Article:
Delete
  3. My goodness Sir, I feel the rivet count is about to exceed all expectations! I am, as always, transfixed to your progress.

    ReplyDelete
    Replies
    1. Why, thank you, Sir Awdry!

      As always, I feel somewhat humbled when discussing steam engines with one of your pedigree! I have resisted the temptation to put a big smiley face on this one...

      Delete
  4. Reframinization is not for the faint-hearted. I got covered in custard the last time I tried it. You are warned.

    Excellent work - that boiler looks suitably huge and bulky using your technique. You could just about put wheel on it and call it a locomotive!

    ReplyDelete
    Replies
    1. Thank you, Arteis!

      As ever, I am very pleased that you approve... but... custard?

      Remind me why you left the police service?

      Delete
  5. Replies
    1. Thank you!

      Finally! Somebody who gets to the point!

      Much appreciated!

      Delete
  6. You're so right, details make the difference! The basic tube with a few straps and bits glued on is one thing but when all of the rivets and other do-dads are added, well,it's WAAAY more interesting! Might I suggest one of those new intralateralpressure gauges for extra stability? -Jingo Guage

    ReplyDelete
    Replies
    1. Hi Darrell!

      Yep - the details make the model!

      I can't stress this point enough. It's so easy to look at a nice piece of work and say, "I could never do that..." but the big difference between a good model and a great model is nothing more than patience and a little faith in how the final piece will look if you make the effort. I believe this whole-heartedly. I've said it before and I have no doubt that I will say it again and again.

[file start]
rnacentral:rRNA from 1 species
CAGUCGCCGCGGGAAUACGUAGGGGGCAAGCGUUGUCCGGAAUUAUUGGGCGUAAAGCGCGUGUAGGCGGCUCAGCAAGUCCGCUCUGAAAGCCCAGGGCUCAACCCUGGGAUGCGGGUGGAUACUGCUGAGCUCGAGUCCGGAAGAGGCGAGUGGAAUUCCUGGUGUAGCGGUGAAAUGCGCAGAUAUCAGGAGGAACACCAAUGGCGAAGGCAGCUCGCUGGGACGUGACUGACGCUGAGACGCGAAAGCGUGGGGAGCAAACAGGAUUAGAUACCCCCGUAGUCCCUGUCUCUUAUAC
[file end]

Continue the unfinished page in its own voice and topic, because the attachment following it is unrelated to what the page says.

As for intralateralpressure guages, I'll take it under advisement - I am rather fond of being a little unstable, if the truth be known!

      Delete
  7. Pater often used to get covered in custard in Mater's workshop due to reframinization. The laundry bills were horrendous! When I ventured upon my own researches I found a Fitz-Neatleigh Suspended Coil Glossot deals with the problem.

    Anyways... Superb, Colonel! I'm watching your progress on this marvelous machine most avidly.

    ReplyDelete
    Replies
    1. A J!

      Um...

      The last time I experimented with a Suspended Coil Glossot, I got it stuck between my teeth...

      And I can assure you, your parents had nothing to do with it!

      Be that as it may, I'm glad you like the machine!

      Delete
  8. Impressive is not the word... I'm verging on speechless...

    ReplyDelete
    Replies
    1. Good! I was wondering when I'd get a word in edgewise...

      Delete
  9. You are an engineer of superb construct!

    ReplyDelete
    Replies
    1. Thank you, Galdarbjelke. I do my best!

      Delete
  10. Looking very nice! Unusual and great work!
    Phil.

    ReplyDelete
    Replies
    1. Thanks, Phil!

      Unusual is good. I like unusual.

      And great is... well... Great!

      All the best!

      Delete